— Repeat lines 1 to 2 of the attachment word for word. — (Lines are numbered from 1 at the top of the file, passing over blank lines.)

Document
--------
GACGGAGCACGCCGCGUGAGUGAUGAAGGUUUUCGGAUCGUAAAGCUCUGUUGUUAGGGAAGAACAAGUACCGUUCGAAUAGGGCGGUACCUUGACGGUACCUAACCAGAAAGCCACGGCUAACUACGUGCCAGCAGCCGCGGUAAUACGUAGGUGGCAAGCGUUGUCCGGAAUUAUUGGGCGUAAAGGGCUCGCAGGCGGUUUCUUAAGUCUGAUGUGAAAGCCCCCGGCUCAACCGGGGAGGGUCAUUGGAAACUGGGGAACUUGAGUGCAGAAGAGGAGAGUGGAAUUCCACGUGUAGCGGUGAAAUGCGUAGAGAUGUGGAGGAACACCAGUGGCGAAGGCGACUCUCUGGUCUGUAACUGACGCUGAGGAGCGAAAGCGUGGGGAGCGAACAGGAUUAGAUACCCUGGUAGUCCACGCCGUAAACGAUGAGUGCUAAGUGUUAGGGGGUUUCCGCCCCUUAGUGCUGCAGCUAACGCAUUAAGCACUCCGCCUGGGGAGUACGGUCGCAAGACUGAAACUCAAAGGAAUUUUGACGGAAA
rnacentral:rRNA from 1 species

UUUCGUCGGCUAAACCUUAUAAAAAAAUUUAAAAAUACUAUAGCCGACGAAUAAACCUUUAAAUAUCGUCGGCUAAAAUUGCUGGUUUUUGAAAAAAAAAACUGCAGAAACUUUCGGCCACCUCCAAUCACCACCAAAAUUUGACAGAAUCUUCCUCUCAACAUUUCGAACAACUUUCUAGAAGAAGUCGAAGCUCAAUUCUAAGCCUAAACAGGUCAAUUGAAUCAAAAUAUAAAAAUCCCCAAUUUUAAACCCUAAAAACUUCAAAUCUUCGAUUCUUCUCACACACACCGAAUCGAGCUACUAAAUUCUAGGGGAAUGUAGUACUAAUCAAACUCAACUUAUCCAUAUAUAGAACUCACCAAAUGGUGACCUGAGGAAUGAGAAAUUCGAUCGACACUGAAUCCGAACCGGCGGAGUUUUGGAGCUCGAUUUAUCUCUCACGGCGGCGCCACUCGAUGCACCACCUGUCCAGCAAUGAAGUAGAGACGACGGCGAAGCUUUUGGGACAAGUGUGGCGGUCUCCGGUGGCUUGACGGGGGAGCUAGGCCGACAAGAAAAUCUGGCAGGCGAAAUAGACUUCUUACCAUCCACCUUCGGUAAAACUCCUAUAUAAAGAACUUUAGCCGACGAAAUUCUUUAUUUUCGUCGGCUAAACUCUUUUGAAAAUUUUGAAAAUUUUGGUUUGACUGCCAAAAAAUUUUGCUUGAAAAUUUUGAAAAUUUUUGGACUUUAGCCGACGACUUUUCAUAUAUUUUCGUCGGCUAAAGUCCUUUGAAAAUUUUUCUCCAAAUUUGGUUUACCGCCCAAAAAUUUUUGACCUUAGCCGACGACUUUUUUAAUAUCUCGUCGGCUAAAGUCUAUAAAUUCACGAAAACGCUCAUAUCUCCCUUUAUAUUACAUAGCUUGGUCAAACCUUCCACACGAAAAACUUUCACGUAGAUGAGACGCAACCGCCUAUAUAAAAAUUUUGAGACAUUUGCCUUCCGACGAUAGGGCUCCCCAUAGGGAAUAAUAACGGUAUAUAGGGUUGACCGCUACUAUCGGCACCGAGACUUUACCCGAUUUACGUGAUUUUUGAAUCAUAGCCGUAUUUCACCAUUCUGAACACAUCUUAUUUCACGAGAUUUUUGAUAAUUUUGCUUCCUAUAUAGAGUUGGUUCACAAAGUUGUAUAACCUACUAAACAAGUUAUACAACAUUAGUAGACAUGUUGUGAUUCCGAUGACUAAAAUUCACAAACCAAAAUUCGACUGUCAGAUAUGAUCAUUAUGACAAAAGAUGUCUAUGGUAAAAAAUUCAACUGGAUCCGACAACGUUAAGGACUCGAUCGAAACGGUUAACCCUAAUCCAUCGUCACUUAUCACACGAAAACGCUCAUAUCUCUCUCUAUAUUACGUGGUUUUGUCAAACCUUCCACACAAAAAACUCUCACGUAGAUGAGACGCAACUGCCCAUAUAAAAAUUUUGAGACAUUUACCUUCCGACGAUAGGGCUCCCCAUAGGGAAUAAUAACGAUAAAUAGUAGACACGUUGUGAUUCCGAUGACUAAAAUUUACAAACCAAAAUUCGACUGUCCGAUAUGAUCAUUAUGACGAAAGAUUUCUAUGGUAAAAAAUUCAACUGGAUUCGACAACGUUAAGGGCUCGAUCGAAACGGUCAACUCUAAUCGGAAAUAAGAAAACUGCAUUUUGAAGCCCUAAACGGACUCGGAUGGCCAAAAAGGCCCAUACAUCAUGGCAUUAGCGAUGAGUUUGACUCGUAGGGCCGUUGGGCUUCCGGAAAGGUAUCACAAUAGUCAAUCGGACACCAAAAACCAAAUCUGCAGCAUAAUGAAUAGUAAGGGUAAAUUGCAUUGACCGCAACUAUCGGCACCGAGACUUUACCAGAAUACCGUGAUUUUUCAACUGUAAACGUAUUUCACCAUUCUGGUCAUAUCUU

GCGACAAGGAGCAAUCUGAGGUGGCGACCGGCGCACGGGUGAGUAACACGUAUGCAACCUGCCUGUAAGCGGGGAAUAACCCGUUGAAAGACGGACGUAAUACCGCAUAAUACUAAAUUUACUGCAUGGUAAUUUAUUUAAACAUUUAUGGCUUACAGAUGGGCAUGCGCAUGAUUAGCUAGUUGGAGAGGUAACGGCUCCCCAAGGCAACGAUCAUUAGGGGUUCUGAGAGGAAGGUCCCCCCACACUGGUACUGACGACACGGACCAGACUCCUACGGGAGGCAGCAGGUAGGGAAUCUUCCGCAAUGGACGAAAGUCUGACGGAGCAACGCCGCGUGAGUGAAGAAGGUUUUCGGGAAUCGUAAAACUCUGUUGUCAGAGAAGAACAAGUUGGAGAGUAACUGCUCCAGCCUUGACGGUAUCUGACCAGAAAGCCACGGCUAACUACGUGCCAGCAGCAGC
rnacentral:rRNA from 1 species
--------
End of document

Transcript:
GACGGAGCACGCCGCGUGAGUGAUGAAGGUUUUCGGAUCGUAAAGCUCUGUUGUUAGGGAAGAACAAGUACCGUUCGAAUAGGGCGGUACCUUGACGGUACCUAACCAGAAAGCCACGGCUAACUACGUGCCAGCAGCCGCGGUAAUACGUAGGUGGCAAGCGUUGUCCGGAAUUAUUGGGCGUAAAGGGCUCGCAGGCGGUUUCUUAAGUCUGAUGUGAAAGCCCCCGGCUCAACCGGGGAGGGUCAUUGGAAACUGGGGAACUUGAGUGCAGAAGAGGAGAGUGGAAUUCCACGUGUAGCGGUGAAAUGCGUAGAGAUGUGGAGGAACACCAGUGGCGAAGGCGACUCUCUGGUCUGUAACUGACGCUGAGGAGCGAAAGCGUGGGGAGCGAACAGGAUUAGAUACCCUGGUAGUCCACGCCGUAAACGAUGAGUGCUAAGUGUUAGGGGGUUUCCGCCCCUUAGUGCUGCAGCUAACGCAUUAAGCACUCCGCCUGGGGAGUACGGUCGCAAGACUGAAACUCAAAGGAAUUUUGACGGAAA
rnacentral:rRNA from 1 species